HAYES: The last time we had the Gaza conflict.
JEBREAL: You had on one network, CNN, you had 45 Israeli officials versus 11. This time around you have between June 30th and July 10th, you have 17 Israeli public officials versus 1. Let me also finish.
JEBREAL: What I was talking about yesterday, and my frustration come from my love for journalism and media and love for unbiased journalists. I think we are really creating a disservice to our public opinion in the American audience. Let me just explain why. Not only because we're giving more air time to the Israelis, but actually we are not covering the content in which -- and the context in which the conflict is taking place. Most Americans think, okay, Israelis are minding their own business and Palestians woke up one day in Gaza and decide, okay, let me fire missiles. This is not what's happening. They don't know anything about the siege, the 1.8 million Palestinian leaving under siege in extreme poverty with 90 percent with untapped access even to water, even the military operation in the West Bank. They don't understand and they don't even know what's going on.
HAYES: Okay, let me say two things.
HAYES: One, in terms of the imbalance of officials, is a product of a lot of things. One of them is, we set out last week, I said I want to talk to the Israeli officials and I want to talk to the Hamas officials. It is, it turns out, it's extremely difficult to get a Hamas officials to come on your TV show.
JEBREAL: Palestinians are not only Hamas.
HAYES: No, but in this case!
JEBREAL: This is part of the problem--
HAYES: Of course, but in this case, in this case, those are the two entities that are fighting right now, right? I mean, those are the two people, the two groups that are fighting each other are the IDF and Hamas.
JEBREAL: Let me continue that second piece of my thought.
JEBREAL: Us by forming the public opinion in that direction, what we are suggesting to the audience that Hamas is the only existing entity, it's fighting with Israel, ignoring, of course, the moderates and not understanding that by backing these kind of policies -- listen, public opinion, of course, will be translated in eventual policies and support, and certain policies from our politicians, whereas shrinking Hamas and undermining more and more the moderates. We're actually supporting the Israeli policies that are being destructive and will not guarantee securities and undermining American interest in the war and in the region. This is simple facts.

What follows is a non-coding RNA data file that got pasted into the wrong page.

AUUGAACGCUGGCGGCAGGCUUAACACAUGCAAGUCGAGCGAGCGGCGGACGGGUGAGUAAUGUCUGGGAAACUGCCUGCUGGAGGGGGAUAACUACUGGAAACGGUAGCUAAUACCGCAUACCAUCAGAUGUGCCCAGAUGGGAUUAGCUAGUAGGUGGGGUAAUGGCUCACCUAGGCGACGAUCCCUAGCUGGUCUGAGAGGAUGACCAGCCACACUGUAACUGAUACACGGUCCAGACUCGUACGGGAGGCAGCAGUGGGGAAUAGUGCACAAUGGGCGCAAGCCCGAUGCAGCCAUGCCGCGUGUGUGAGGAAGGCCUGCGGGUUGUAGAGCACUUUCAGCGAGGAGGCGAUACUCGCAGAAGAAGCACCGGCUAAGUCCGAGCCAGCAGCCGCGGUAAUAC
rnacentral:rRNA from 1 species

HAYES Let me agree with you on one place of agreement. The way the crisis is covered, if there is violence we cover it, if there's no violence, we don't cover it. And I think that creates an imbalance that puts us in a situation in which the forces that are pursuing violence, end up being the most empowered. Because if you sit quietly and negotiate like Mahmoud Abbas has been doing in the West Bank, the Palestinian authority, no one covers it. So, I, that is a structural problem.
JEBREAL: Can you please dispute that some networks -- I think MSNBC has been doing better job than others, but some networks, you have 25 minutes of Bibi Netanyahu all Sunday shows and all Monday shows and others --
HAYES: But, that's true for so many other issues!
JEBREAL: On the Palestinian sides -- but then when it translates to failed policies, you have to question our responsibility in the media. You can't say that our responsibility in the media is to promote these kind of views and that are translated into backing Israel unconditionally.
HAYES: But if you, look --
JEBREAL: And supporting it at all the level. Policies are failing on the ground.
HAYES: Let me say one more thing. I agree the policies are failing--
JEBREAL: We are insecure. We're less secure as Americans because of these failed policies.
HAYES: I agree, I agree. But air time always strikes me as a bad metric, right? Let me say this final point. There are interviews and there are interviews. I had Mark Regev on this program for 16 minutes, alright? That's a very long interview. There's a lot to talk about. And you know what, if I could get a Hamas representative--
JEBREAL: You're really with all honesty are telling me that the Palestinians are interviewed in the same way--
HAYES: No, they are not. They are not. I don’t think the numbers bear that out--
JEBREAL: The conflict is represented the same way? I'm not talking as a Palestinian, I'm talking about somebody that works in the media that feel the responsibility towards my audience, and feel that, you know what, we have ethics. I came to journalism after living under occupation, coming here, believing one thing. America is about two, three things. One of them is about freedom of speech. So when I come back from Europe after being there and look at the media here, I am stunned and I am actually concerned that our interest in the world, our stand in the world, is being undermined because of our--
HAYES: Let me just say this. I think this coverage of this conflict, I think this conflict, and I think if you look at American opinion about how they feel about this conflict, has been different than the last two--
JEBREAL: Yesterday CNN said, most Americans, 90 percent love Israel and hate Ukraine. Sorry, Russia.
HAYES: Right, but this conflict I think you will see it borne out in the public opinion.
JEBREAL: We will see that. Thank you.